Bin Laden’s message has little or no appeal to Muslims in Palestine, Lebanon, Iran, Iraq, or elsewhere engaged in their national struggles for identity, legitimacy, or power. He engages, as Roy writes, “les migrants, les réfugiés, la seconde génération, les nouvelles classes sociales, ou bien . . .les tribus en mutation sociale.” (He attracts “migrants, the second generation, new social classes, or tribes undergoing social change.”)
Bin Laden is feeding off of Bush’s Islamofascism propaganda. The Bush Administration conflates conflicts and movements around the globe that are fundamentally different, though sharing some roots in political Islam. Bin Laden’s reaction appears to be to say “thank you,” he will gladly expand and attempt to assume sway over these movements. But he particularly wants what Roy calls “the second generation,” those who have ceased to understand their struggle in terms of nationalistic aspirations (Palestine v. Israel, Pakistan v. India) and instead take a global view of the Islamic community, and particularly those half- but not entirely assimilated Muslims living now in countries like Britain, France, Germany and Spain… and more distantly, the United States. Which raises the fundamental question: is the Bush strategy not actually enabling bin Laden? Rubin hits this point very effectively:
This movement can pose a serious threat because of its global capacity for violence. But the more we link that threat to the numerous political struggles of Muslims around the world, the more we provide Bin Laden with talking points for his next video. Stay tuned.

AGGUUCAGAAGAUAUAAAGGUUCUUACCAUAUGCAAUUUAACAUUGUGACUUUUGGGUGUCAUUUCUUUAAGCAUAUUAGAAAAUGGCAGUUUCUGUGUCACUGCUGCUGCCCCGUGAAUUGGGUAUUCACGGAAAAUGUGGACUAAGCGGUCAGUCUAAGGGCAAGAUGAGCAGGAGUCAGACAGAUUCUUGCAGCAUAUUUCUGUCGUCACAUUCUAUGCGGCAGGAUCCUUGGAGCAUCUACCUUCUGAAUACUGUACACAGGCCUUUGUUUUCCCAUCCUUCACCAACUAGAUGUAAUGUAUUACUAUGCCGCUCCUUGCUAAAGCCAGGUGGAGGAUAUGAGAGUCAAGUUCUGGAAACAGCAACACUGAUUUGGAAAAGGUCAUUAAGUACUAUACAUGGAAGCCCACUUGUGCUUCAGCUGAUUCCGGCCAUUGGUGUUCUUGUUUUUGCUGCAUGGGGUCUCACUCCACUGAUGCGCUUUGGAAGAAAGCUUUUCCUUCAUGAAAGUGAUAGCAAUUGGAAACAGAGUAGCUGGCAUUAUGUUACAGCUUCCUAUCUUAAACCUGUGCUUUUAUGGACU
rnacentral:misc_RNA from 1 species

An effective strategy has a simple first target: seize bin Laden. The failure to accomplish this in six years is leading bin Laden’s entire community of potential recruits to come to one conclusion: Bush, the pseudo-cowboy, pseudo-tough guy president, is impotent.
More from Scott Horton:
Six Questions — October 18, 2014, 8:00 pm
Nathaniel Raymond on CIA interrogation techniques.
I recently spent a semester teaching writing at an elite liberal-arts college. At strategic points around the campus, in shades of yellow and green, banners displayed the following pair of texts. The first was attributed to the college’s founder, which dates it to the 1920s. The second was extracted from the latest version of the institution’s mission statement:
The paramount obligation of a college is to develop in its students the ability to think clearly and independently, and the ability to live confidently, courageously, and hopefully.
Let us take a moment to compare these texts. The first thing to observe about the older one is that it is a sentence. It expresses an idea by placing concepts in relation to one another within the kind of structure that we call a syntax. It is, moreover, highly wrought: a parallel structure underscored by repetition, five adverbs balanced two against three.
Percentage of Britons who cannot name the city that provides the setting for the musical Chicago:
An Australian entrepreneur was selling oysters raised in tanks laced with Viagra.
A naked man believed to be under the influence of LSD rammed his pickup truck into two police cars.
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“Shelby is waiting for something. He himself does not know what it is. When it comes he will either go back into the world from which he came, or sink out of sight in the morass of alcoholism or despair that has engulfed other vagrants.”